Naval Postgraduate School Engineering Laboratory Simultaneously Flies 50 UAVs

By Mike Ball / 08 Sep 2015
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US Naval Postgraduate School UAVsThe US Naval Postgraduate School (NPS) Advanced Robotic Systems Engineering Laboratory (ARSENL) has announced that it has flown 50 autonomous UAVs, breaking their previous record of 30, during a field exercise at Camp Roberts.

“I’m very proud of reaching our goal of successfully flying 50 autonomous UAVs simultaneously,” said NPS Assistant Professor Timothy Chung.

The 50 UAVs were launched and flown autonomously in two “sub-swarms” of 25 UAVs each and guided using ARSENL-developed swarm operator interfaces. The UAVs performed basic leader-follower cooperative behaviors and exchanged information amongst themselves via wireless links.

“This project came from the notion that quantity is a quality,” said Chung. “It’s like trying to play a game of tennis against an entire 5th grade class. If they were are all lobbing tennis balls across the court, it would be very hard to defend against them.”

In the past, each aircraft would be operated by a single person, which makes for a very large footprint with many moving parts.

“One of the ways we can mitigate that is transferring autonomy. These robots can make limited decisions … that will alleviate some of the pressure on our human operators,” said Chung. “Today, we were able to successfully control 50 UAVs with two operators that managed the aircraft’s behaviors and health.”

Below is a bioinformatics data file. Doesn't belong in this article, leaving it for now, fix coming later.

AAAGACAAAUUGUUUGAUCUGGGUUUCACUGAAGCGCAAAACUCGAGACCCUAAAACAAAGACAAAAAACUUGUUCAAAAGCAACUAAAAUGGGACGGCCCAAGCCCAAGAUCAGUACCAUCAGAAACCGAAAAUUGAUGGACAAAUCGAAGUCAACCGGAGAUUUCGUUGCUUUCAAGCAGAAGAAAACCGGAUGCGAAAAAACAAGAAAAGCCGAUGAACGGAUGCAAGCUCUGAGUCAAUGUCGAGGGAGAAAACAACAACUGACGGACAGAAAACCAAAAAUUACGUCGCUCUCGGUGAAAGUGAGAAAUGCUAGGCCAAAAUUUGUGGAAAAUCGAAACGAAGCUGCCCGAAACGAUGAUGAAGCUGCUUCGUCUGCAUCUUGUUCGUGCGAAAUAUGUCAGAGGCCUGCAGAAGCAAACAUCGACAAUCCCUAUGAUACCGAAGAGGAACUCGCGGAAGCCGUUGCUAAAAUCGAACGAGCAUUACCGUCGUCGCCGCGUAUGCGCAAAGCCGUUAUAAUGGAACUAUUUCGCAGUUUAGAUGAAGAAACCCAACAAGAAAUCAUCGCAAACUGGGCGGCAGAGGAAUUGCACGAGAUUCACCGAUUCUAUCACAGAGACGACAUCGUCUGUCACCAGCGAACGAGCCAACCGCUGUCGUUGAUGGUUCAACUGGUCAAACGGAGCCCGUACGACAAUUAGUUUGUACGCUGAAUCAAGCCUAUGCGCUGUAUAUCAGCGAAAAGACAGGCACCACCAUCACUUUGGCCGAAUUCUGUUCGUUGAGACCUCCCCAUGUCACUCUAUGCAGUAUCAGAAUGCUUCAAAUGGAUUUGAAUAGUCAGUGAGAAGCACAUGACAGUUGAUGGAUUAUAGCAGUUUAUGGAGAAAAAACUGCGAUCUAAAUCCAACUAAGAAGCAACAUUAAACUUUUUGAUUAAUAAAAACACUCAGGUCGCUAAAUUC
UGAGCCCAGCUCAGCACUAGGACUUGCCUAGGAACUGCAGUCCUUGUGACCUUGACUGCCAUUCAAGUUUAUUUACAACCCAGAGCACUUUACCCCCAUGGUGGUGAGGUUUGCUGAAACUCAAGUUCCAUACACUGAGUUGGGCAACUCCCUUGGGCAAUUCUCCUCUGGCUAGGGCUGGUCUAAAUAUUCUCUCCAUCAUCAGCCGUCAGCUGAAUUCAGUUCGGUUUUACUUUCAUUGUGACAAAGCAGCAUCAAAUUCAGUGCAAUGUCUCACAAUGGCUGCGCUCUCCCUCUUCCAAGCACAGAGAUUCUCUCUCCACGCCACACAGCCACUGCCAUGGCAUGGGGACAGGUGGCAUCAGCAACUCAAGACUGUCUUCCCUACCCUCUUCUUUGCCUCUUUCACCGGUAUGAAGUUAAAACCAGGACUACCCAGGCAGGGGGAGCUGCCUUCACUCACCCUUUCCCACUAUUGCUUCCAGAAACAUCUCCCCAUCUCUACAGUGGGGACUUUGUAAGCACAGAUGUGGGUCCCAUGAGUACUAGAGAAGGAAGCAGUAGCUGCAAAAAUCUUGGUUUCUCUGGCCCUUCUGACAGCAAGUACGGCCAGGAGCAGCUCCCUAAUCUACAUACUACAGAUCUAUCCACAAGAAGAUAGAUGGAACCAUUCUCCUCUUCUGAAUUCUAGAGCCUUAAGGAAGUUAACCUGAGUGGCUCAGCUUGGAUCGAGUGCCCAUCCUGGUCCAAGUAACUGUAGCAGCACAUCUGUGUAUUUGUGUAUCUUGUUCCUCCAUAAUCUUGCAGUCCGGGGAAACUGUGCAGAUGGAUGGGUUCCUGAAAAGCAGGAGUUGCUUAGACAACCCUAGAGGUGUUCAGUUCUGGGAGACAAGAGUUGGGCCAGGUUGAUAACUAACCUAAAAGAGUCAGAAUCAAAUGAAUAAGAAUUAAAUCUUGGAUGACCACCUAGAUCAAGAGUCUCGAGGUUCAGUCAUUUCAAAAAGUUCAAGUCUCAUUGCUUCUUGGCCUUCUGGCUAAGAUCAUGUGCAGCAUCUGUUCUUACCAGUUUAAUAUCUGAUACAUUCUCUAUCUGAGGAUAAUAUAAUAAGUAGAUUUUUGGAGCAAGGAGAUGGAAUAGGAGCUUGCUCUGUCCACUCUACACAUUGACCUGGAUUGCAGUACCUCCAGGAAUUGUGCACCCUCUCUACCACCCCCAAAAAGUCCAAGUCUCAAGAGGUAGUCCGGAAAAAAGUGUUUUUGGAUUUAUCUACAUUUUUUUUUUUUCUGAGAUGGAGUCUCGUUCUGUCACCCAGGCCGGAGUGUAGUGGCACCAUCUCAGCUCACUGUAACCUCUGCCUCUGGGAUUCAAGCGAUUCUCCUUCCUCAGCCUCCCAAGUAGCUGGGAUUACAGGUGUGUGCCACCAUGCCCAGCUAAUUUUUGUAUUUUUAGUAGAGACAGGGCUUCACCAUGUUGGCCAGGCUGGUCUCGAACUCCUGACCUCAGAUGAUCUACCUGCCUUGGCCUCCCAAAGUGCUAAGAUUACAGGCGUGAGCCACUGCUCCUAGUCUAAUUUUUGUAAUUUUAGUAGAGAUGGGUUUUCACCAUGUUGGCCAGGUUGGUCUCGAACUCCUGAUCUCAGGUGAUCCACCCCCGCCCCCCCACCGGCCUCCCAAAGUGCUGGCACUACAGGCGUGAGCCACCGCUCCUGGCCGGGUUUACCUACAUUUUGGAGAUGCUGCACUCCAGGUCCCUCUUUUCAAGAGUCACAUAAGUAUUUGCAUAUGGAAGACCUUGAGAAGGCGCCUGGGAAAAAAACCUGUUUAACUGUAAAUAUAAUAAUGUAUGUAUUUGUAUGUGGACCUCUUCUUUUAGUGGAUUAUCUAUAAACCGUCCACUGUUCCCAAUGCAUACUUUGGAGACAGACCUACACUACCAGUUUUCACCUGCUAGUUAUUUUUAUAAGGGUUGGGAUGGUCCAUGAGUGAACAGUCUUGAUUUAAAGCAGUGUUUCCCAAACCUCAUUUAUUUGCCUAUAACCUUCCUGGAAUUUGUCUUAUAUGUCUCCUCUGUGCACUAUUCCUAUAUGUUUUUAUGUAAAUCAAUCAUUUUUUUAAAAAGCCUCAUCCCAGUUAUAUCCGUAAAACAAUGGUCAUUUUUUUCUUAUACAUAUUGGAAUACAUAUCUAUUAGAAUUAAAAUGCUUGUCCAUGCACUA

NPS Consortium for Robotics and Unmanned Systems Education and Research (CRUSER) Director Raymond R. Buettner is hopeful about this technology’s future applications.

“Twenty years from now when aerial swarms are routinely helping farmers improve their crops, helping rescuers locate lost children, and helping warfighters to win our nation’s wars, people will be able to look back at the efforts of NPS faculty and students in the skies over Camp Roberts as one of the seminal events that made such things possible,” he said.

Chung noted that ARSENL’s recent successes would not have been possible without the hard work and initiative of its systems engineering and cross-campus team members including NPS professors, Naval reservists, summer interns, NPS students and many more.

Posted by Mike Ball Mike Ball is our resident technical editor here at Unmanned Systems Technology. Combining his passion for teaching, advanced engineering and all things unmanned, Mike keeps a watchful eye over everything related to the unmanned technical sector. With over 10 years’ experience in the unmanned field and a degree in engineering, Mike’s been heading up our technical team here for the last 8 years. Connect & Contact
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